Wednesday, December 1, 2021

From the Editor’s Desk: Feeling Bullish on the Potential of the Longevity Economy

Forget Bitcoin and real estate speculation. The longevity economy is rife for more upward potential – a realization that is taking hold for private and corporate investors. The numbers can’t – and shouldn’t be – ignored. There are 1.6 billion adults age 50+ globally with that number poised to double in the next 30 years. 

A recent Barrons’ story, Aging Could be the Next Booming Business, caught our attention and fortifies what YouAreUNLTD has been saying since the publishing brand started. It notes that citizens over the age of 50 account for half of all consumer spending and 83 per cent of household wealth. The economic clout of this group is staggering. The story goes on to put this into perspective: “That should make catering to the aging population a lucrative opportunity for entrepreneurs and investors—one that could be akin to investing in the software boom in the 1980s or internet in the 1990s.”

That wasn’t just the opinion of the author of the story. It was the conclusion of aging experts and investors who attended a virtual 2020 Century Summit held by the Longevity Project and the Stanford Center on Longevity in December. Susan Golden, a former venture capitalist, pegged the value of the 50+ market at $8.3 trillion US and $22 trillion globally. (By comparison, Canada’s entire GDP for 2020 was estimated at $1.8 trillion.)

Summit panelist Paul Irving, chairman of the Milken Institute Center for the Future of Aging, called out the gap between the reality of changing demographics versus what businesses were offering. He said that companies are catering to a population that doesn’t exist and they must shift to design, build, and manufacturer for an older demographic. Some of the key areas of growth identified included: health care, real estate, and services, especially those allowing older adults to age at home, and financial services.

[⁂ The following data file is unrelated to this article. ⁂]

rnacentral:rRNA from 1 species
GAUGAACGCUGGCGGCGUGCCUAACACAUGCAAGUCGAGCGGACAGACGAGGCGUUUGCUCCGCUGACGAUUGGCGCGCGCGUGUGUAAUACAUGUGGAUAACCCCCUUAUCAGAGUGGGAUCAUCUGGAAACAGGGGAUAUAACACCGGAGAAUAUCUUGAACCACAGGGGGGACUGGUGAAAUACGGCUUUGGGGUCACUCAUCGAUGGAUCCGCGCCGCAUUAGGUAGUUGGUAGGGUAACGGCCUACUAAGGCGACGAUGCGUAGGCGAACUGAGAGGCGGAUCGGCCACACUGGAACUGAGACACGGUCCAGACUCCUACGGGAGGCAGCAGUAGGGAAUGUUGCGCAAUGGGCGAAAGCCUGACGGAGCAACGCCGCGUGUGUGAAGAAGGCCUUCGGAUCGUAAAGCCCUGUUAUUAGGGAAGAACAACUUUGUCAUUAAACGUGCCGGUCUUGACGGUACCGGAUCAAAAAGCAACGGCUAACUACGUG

Companies have a unique opportunity to lead and to disrupt. Robert Chess, chairman of biotech Nektar Therapeutics, also a teacher at the Stanford Graduate School of Business, said: “For entrepreneurs that get in now, it’s the best you can want for an opportunity. You know the market is there and there is very little competition.” Businesses should engage and participate in the longevity economy now. 

Those that successfully pivot and embracing a graying population include BMW, which has redesigned its dashboard for older adults and Nike, now offering shoes easier to put on and constructed with additional padding. 

The aforementioned Milken Institute, a highly regarded non-profit think tank, has been keeping pace with the changes prompted by a shift in aging demographics. Its report, Silver to Gold: The Business of Aging, from its chairman, Paul Irving. “As aging continues to shape population ratios, investment in relevant products and services will prove lucrative for companies that reach out to older consumers,” it stated.

The report also emphasizes the enormity of the opportunity for businesses that invest in the longevity economy as the growth of an older demographic picks up pace. It points out that the United States, with adults over 60 controlling 70 percent of disposable income, and with those over 50 projected to increase their spending at more than twice the rate of younger adults in the next two decades. 

A few interesting statistics to highlight: Older adults dominate 119 of 123 consumer packaged-goods categories, according to Nielsen, and adults over 50 spend almost half of all vacation dollars and account for 80 per cent of the luxury travel market. As well, they purchase more new cars than other age groups. And bucking perceptions, older adults account for four in 10 wireless service customers and 99 per cent report owning a tablet, laptop, or desktop device.

Bay Street is catching on, too. Last June CI Investments introduced the CI Longevity Economy Fund, the first of its kind. It’s focused on companies benefiting from changes in consumer behaviour, technology and health care resulting from the trend towards longer, healthier lifespans. Its holdings will be influenced by Dr. Joseph Coughlin, a global expert on demographic change, Founder and Director of the Massachusetts Institute of Technology AgeLab, and author of The Longevity Economy: Unlocking the World’s Fastest-Growing, Most Misunderstood Market. 

Prevent FOMO (fear of missing out). Tap into the longevity economy. Interested in learning more? Talk to the experts at YouAreUNLTD

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Michele Sponagle
Michele Sponagle
Michele Sponagle is a prolific lifestyle journalist based in Paris, Ontario, who has contributed to many leading media outlets, from the Washington Post to Canadian Living.